Auxiliary President Irene Casselman accepts very happy thanks for the auxiliary donation of $57,500 from Cheryl Dumond, MDRD supervisor. (submitted)

Auxiliary President Irene Casselman accepts very happy thanks for the auxiliary donation of $57,500 from Cheryl Dumond, MDRD supervisor. (submitted)

Cowichan Hospital Auxiliary cleans up with equipment donation

Equipment that is used to perform surgery must be well-designed, sturdy, and scrupulously clean.

By Bruce Wilkinson, guest columnist

Equipment that is used to perform surgery must be well-designed, sturdy, and scrupulously clean. It must meet “medical grade” standards that come with significant dollar signs attached.

The Auxiliary to Cowichan District Hospital is very pleased to announce that it recently authorized payment of $57,500 for the purchase of more than 70 Genisis sterilizing pans and accessories. These pans will be used in hip and knee surgeries — the most common procedures at Cowichan District Hospital. The auxiliary believes that procuring this equipment supports its pledge of “care and comfort” because it will alleviate the potential for cancellation of surgeries in the event that it is discovered that wraps in the currently used paper-wrap system have been compromised. The auxiliary’s donation of more than $57,000 means that the pans will be in service sooner, allow for some reallocation of manpower, reduce waste of non-recyclable materials, and maybe even make more orthopaedic procedures than the current average 730 per year possible.

With an expected life span of 20 years, we recognized the potential of these devices to provide better care for many patients for years to come.

Our auxiliary would normally try to donate toward items that are not strictly medical and therefore not budgeted for in the Island Health financing processes, such as pressure mattresses and cushions for those subject to bed sores, warming equipment to make blood transfusions more comfortable, and items recognized by practitioners as being appropriate for individual patients without the financial means to purchase for themselves. A lot of these personalized items are determined by community nurses who visit individuals in their homes. However, it is frequently necessary to contribute to clearly medical equipment needs in order to improve or speed the treatment for patients without having to wait for government gears to grind.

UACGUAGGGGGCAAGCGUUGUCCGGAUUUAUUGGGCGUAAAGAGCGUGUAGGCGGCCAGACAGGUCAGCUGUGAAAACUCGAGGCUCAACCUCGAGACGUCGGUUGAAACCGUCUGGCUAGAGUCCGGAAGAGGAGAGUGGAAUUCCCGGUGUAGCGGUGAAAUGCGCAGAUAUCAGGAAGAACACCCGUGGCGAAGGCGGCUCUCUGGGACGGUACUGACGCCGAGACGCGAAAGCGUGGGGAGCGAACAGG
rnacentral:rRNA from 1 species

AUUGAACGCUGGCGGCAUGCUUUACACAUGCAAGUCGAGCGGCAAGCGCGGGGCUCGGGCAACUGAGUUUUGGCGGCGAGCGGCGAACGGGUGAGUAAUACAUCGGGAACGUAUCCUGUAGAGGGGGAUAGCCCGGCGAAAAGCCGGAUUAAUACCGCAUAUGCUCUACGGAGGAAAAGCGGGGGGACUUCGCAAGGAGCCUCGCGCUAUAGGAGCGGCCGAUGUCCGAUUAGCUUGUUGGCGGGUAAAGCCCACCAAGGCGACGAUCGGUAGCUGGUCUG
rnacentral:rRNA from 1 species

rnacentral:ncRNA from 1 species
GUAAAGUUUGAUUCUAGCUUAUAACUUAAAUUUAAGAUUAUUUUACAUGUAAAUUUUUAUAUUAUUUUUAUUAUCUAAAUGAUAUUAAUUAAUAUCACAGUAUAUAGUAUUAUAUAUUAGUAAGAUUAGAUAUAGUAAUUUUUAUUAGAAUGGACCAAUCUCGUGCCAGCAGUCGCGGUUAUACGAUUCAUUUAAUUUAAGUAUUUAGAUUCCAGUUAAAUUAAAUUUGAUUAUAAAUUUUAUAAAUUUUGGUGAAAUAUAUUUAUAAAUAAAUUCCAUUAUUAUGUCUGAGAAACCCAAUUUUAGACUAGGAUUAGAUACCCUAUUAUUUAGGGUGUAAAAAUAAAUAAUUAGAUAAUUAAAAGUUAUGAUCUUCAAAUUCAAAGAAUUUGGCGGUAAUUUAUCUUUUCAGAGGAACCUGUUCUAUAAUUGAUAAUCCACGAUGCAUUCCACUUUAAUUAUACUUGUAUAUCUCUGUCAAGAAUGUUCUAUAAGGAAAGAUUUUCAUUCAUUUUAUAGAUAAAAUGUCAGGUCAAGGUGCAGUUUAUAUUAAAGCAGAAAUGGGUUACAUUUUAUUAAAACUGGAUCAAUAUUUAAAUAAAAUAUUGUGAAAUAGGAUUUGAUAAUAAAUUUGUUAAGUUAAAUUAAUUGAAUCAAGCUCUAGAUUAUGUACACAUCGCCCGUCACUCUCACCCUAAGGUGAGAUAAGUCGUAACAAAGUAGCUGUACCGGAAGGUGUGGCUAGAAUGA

The auxiliary is able to make such financial donations because of the tremendous support from the community at our HATS store (Hospital Auxiliary Thrift Store) on Station Street in Duncan, at our gift shop in the hospital, and at Christmas bazaars where our volunteer knitters attend with items for sale.

The gift shop has been operating in the hospital for decades, providing convenient snack and toiletries service and reading materials, knitted items ranging from dish cloths to sweaters, and a variety of gift items.

HATS continues to be a great contributor toward our financial success and community contact as it approaches it’s 8th anniversary.

The Needlers, our knitting group comprised of members and community-oriented citizens, create dozens of different items for sale year round at the gift shop. We are grateful for yarn donations and knitted crafts and for the contributions of non-auxiliary citizens, such as the ethnic foods from the Sikh community that we offer at a special event — always a sell-out.

We partner with other auxiliaries in the Cowichan Valley to provide services and support events for residents at Cairnsmore Place such as the strawberry and baking tea, and the tuck shop on site. In 2014 the auxiliary provided substantial support for an outdoor meditation garden at Cairnsmore.

The auxiliary also offers services for which there is no significant financial cost, such as tea and visiting, magazine cart, guidance and support for youth volunteers intending to create a career in medicine (and even bursaries), soft trinkets for children stressed out from medical issues, knitted items for newborns and emergency toiletries for those whose stay in hospital was unanticipated. If you are scheduled for surgery, you will often go through pre-admission and be supplied with surgical sponges for pre-surgery cleansing at home. The auxiliary has provided approximately 15,000 of these so far. Over the past three years, the auxiliary has also partnered with the Cowichan Hospital Foundation on some Foundation initiatives, with our contributions amounting to $76,000.

The financial assets that are generated from our operations are the results of the dedicated efforts of approximately 170 members working day (and often night) to contribute in many ways, racking up thousands of hours. Staffing the stores and offering all of the other services noted is a challenge. Our auxiliary is a great success, but our aging volunteer force is in need of some new blood, so please consider joining us and working alongside some very community-spirited citizens as we prepare to make other exciting announcements that show our ongoing commitment to our Valley.

Bruce Wilkinson is the publicity director for the Auxiliary to Cowichan District Hospital